Threads of Love director Sissy Davis joins Nancy via Skype to talk about her mission of love—sewing clothing for premature, ill, and stillborn babies. Threads of Love is an international organization with groups in Canada, Newfoundland, South Africa, England, Panama, and many in the United States.
Threads of Love has two copyrighted patterns on their website—one for a day gown and the other for a burial gown.
The Threads of Love Ministry provides a crocheted or knitted cap, day gown, blanket, “lovie doll” and a prayer for healing in the packet for premature or ill babies. If a baby is stillborn, they sew a packet including a bonnet, dress, blanket, and include a prayer for healing a broken heart.
The Threads of Love volunteers donate the supplies and labor, and they make all of the baby items. They show their love by using their sewing talents.
If you would like to become involved with this nonprofit sewing ministry or would like to have more information go to Threads of Love. Sewing these projects, and learning skills from the longtime members is a real blessing for you, and you're really doing a wonderful service for a family in need of love and compassion at a difficult time in their life.
Debra King, Art Quilts with Ties
Debra is an art teacher, as well as an art quilter. In this interview Deb features quilts that she made with men's ties. Deb received ties from a close friend when her friend's husband passed away, and she was inspired to create four quilts representing the trees of fall, winter, spring and summer using the ties. Instead of viewing the ties as potential yard sale items, Deb had the insite to tell a story with them. All four trees start with ties woven together, and then leaves are added using various embellishment techniques. Ties, fabrics, various beads and embellishments, threads, yarns, and more are used to create trees that are an artistic rendition of the seasons. View Debra's quilts at Art Quilts by Deb on Facebook.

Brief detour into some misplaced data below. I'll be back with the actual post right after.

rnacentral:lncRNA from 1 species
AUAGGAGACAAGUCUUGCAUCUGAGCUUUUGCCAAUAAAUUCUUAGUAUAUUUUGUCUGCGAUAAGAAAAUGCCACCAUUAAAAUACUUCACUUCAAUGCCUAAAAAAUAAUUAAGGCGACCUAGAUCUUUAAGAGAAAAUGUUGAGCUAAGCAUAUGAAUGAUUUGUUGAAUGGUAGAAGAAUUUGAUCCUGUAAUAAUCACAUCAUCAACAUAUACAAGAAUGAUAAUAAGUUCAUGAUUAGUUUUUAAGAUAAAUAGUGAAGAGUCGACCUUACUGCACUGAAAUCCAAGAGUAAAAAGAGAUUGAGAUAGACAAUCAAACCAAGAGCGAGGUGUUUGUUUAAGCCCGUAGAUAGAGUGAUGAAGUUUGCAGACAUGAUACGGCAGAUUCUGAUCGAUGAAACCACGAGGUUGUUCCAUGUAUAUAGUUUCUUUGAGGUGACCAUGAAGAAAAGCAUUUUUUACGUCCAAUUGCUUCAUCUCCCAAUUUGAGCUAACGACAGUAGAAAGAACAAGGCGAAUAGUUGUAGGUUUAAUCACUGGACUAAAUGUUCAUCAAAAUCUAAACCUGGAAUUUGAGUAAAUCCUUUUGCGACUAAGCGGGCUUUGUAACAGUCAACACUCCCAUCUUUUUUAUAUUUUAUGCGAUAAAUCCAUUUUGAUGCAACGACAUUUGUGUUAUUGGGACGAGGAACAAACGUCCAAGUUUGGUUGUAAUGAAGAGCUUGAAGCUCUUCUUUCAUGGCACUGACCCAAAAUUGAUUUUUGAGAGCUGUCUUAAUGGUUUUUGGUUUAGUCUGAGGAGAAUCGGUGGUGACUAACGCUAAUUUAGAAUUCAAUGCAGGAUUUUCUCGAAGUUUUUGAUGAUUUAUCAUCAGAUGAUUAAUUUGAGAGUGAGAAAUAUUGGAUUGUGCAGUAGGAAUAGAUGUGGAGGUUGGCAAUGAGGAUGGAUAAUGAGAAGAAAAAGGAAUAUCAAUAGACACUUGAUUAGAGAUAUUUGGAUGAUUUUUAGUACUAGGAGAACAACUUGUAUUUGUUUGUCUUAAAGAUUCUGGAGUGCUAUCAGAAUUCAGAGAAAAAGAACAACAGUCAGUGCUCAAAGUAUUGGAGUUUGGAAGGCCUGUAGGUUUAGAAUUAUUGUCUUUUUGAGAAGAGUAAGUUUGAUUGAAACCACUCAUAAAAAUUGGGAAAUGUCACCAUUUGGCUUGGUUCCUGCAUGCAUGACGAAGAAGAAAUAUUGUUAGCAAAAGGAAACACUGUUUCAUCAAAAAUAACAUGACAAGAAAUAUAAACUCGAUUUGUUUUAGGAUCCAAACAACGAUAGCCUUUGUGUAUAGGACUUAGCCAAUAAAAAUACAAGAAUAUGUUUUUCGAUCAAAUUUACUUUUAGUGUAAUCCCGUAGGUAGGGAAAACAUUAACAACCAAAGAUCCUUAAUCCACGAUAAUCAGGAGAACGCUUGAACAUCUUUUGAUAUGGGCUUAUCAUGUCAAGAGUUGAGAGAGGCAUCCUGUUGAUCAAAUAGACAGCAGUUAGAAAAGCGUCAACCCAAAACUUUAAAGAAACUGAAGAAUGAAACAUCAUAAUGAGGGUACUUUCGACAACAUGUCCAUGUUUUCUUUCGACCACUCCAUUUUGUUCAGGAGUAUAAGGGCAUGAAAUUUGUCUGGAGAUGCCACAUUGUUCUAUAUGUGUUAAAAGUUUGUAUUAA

Terry Grahl, Enchanted Makeovers
Enchanted Makeovers is a Taylor, MI based all volunteer national non-profit organization that renovates shelters for women and children into places that inspire behavioral and psychological change. Nancy welcomes Terry Grahl, founder of Enchanted Makeovers, back to share how the organization has grown during the past two years. Volunteers have renovated over 100 bedrooms plus sewing rooms that are set up to teach women how to sew. Enchanted Makeovers volunteers pride themselves on obtaining handmade quilts, curtains, pillows, and more, and coordinating rooms with a fresh coat of paint or a painted mural. They encourage donors and volunteers to give of their time and talent to make the rooms uplifting and inspirational. The women and children in the shelter also make things that they can give back locally, nationally and internationally. There is always someone less fortunate—a good message! To find out more about Enchanted Makeovers and how you can give of your time, talent, or a donation, please go to Enchanted Makeovers.